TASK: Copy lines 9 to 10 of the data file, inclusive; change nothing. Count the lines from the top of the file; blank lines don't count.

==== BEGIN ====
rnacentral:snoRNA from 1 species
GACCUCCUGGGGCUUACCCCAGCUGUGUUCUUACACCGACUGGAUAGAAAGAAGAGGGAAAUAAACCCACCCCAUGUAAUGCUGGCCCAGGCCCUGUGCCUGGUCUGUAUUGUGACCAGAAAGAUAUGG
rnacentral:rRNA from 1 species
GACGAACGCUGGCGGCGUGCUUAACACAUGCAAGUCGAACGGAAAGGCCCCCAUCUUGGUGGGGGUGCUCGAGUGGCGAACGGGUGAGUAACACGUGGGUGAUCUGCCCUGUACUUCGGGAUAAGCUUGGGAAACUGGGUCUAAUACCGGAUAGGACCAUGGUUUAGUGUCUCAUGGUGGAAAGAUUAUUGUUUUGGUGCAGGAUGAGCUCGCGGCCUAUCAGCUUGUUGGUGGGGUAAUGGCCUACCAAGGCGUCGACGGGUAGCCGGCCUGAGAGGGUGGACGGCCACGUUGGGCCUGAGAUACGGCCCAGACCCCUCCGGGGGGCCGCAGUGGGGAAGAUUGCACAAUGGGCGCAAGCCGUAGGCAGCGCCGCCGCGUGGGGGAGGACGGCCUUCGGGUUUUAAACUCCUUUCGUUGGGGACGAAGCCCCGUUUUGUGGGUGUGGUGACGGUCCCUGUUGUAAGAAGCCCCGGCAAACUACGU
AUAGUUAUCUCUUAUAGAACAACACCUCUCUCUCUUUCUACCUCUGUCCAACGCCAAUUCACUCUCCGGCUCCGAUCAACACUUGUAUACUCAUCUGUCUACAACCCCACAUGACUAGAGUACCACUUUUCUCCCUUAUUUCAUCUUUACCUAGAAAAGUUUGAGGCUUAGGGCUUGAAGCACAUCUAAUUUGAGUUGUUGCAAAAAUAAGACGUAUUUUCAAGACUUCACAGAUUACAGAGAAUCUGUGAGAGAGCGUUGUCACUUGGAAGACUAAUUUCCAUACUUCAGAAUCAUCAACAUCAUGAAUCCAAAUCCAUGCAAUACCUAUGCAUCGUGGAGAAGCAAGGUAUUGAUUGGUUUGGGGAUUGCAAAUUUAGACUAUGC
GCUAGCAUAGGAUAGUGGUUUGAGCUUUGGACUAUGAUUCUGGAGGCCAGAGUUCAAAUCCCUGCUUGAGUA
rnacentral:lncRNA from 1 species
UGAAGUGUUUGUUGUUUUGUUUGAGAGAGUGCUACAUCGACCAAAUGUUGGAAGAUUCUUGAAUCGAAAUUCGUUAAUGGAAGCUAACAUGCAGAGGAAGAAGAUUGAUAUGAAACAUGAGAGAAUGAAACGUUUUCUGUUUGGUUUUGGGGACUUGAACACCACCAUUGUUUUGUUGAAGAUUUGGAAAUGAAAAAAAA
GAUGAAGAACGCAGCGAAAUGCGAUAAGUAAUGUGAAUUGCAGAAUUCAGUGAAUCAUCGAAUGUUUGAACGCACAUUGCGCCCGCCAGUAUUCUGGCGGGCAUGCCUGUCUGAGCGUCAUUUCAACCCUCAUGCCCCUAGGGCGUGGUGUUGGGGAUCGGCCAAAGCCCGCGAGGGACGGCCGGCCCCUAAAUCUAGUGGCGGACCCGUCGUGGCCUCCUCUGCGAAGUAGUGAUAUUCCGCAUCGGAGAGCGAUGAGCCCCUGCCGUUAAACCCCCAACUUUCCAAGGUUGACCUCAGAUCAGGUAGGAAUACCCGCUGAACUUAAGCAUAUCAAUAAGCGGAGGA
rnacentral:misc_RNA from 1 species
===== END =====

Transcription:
GAUGAAGAACGCAGCGAAAUGCGAUAAGUAAUGUGAAUUGCAGAAUUCAGUGAAUCAUCGAAUGUUUGAACGCACAUUGCGCCCGCCAGUAUUCUGGCGGGCAUGCCUGUCUGAGCGUCAUUUCAACCCUCAUGCCCCUAGGGCGUGGUGUUGGGGAUCGGCCAAAGCCCGCGAGGGACGGCCGGCCCCUAAAUCUAGUGGCGGACCCGUCGUGGCCUCCUCUGCGAAGUAGUGAUAUUCCGCAUCGGAGAGCGAUGAGCCCCUGCCGUUAAACCCCCAACUUUCCAAGGUUGACCUCAGAUCAGGUAGGAAUACCCGCUGAACUUAAGCAUAUCAAUAAGCGGAGGA
rnacentral:misc_RNA from 1 species